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NVIDIA's nForce4 SLI Intel Edition chipset

The green team dips its toe in the big pond

CORE LOGIC CHIPSETS. I've spent the last six days knee deep in 'em, those unappreciated chips that glue everything together inside of a system. Back in my Amiga days, the core logic chips were stars, a constellation of sexy custom chips that provided what was then considered amazing audio and fluid, colorful graphics. But that was long ago. Nowadays, core logic chips aren't considered very exciting, except by what they enable the more exciting chips, like CPUs and GPUs, to do. Fortunately, the nForce4 SLI Intel Edition's would-be role as an enabler is quite the proposition: this chipset will allow a Pentium 4 processor to team up with a pair of GeForce 6 GPUs in SLI mode and pump out tasty eye candy by the bucketload.

That capability is currently unique in the Pentium 4 chipset world, in part because NVIDIA holds the reins of the SLI bandwagon, and—for perfectly valid technical reasons, mind you—the company hasn't allowed its multi-GPU mode to operate on competing chipsets, even though SLI depends almost entirely on PCI Express in order to work.

Armed with the SLI bludgeon and a quiver bulging with marketing names like ActiveArmor, MediaShield, DASP, and QuickSync, NVIDIA has decided to cross over from the AMD market into the foreign, and much larger, territory of Intel-compatible chipsets. The nForce4 has not been without its growing pains, but it still dominates the enthusiast motherboard scene for the Athlon 64. Is the nForce4 SLI Intel Edition good enough to stand toe to toe with Intel's 925XE? We're about to find out.

What's new and what's not in the Intel Edition
If you read the paragraphs above and your eyes glazed over at the mention of an alien acronym, SLI, then you need to go read this, this, and maybe this, so you can get a feel for the technology. In a small and slightly shriveled nutshell, SLI allows one to drop two GeForce 6-class graphics cards into a single system and use them together to produce accelerated 3D graphics output on a single screen. SLI isn't particularly cheap or even really economical, but it can deliver higher performance, in certain situations, than any single-card solution currently available. That's the source of the nForce4 SLI's unique mojo.

The nForce4 SLI Intel Edition with a pair of GeForce 6800 Ultras

Beyond that, the nForce4 SLI Intel Edition has a host of other features to recommend it, many of them familiar from the AMD-oriented versions of the product. Those of you unfamiliar with the nForce4 basics may want to look over our review of the nForce4 Ultra in order to get up to speed.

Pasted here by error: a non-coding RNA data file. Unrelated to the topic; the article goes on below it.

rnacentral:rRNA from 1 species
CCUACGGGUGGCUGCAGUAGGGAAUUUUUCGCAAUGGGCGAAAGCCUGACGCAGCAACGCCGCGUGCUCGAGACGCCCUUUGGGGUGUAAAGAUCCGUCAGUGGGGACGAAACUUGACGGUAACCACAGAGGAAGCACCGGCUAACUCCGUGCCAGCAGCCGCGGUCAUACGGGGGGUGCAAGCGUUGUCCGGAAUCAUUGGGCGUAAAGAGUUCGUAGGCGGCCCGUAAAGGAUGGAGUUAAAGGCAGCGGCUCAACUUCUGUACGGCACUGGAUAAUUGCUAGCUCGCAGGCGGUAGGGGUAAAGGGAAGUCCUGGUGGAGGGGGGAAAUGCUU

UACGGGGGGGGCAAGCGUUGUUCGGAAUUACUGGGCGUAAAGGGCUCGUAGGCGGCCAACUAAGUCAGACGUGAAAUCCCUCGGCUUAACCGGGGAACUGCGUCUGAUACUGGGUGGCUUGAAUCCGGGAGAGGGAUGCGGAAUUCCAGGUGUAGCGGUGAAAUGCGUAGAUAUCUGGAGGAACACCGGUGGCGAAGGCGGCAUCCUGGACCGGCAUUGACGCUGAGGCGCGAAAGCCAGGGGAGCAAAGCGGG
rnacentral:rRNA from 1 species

NVIDIA has made a number of changes to the nForce4 on the road to Pentium compatibility, so this product might better be named nForce4.5. Let's review what's changed and what hasn't by doing a quick once-over on the nForce4 SLI Intel Edition's features list.

  • A real set of chips — The most obvious of the changes with the Intel Edition is that the nForce4 is now comprised of two chips rather than one. The single-chip approach works on the Athlon 64 because that processor has its own onboard memory controller, but on the Pentium 4, the chipset has to provide the memory controller. That chews up space on the chip and pushes basic I/O functions to another chip.

    NVIDIA has dubbed the nF4 Intel Edition's north bridge the SPP, for System Platform Processor. That's where the fancy high-bandwidth stuff happens. The nForce4 Intel Edition's south bridge has the fancy nickname of MCP, like the evil program in Tron that tried to kill everybody. In this case, though, MCP stands for Media and Communications Processor, which is appropriate, since the MCP handles audio and most forms of external I/O. The SPP is built using a 130nm fab process, while the humble MCP is fabbed on a 150nm process.

    A block diagram of the nForce4 SLI Intel Edition. Source: NVIDIA.

    The interconnect between these two chips is a HyperTransport link with a bitrate of 1.6GB/s. This isn't your Athlon 64's HyperTransport, though; in this implementation, the HT link only carries data between the north bridge and south bridge, so it's less important than the HT link between CPU and chipset on the Athlon 64. In fact, since the south bridge (or MCP) has no PCI Express links coming out of it, the chip-to-chip interconnect on the nForce4 Intel Edition should be plenty fast enough at this relatively low bitrate. Intel only uses a 2GB/s interconnect between its north and south bridges in the 925XE chipset, and its south bridge must handle some PCI-E connections.

  • 1066MHz front-side bus — The first order of business in any Pentium 4 chipset is a front-side bus, and the nForce4 Intel Edition has one capable of running at speeds up to 1066MHz, where only a handful of P4 Extreme Edition processors are likely to play. The nForce4 SLI will also support an 800MHz bus speed, which should be much more common.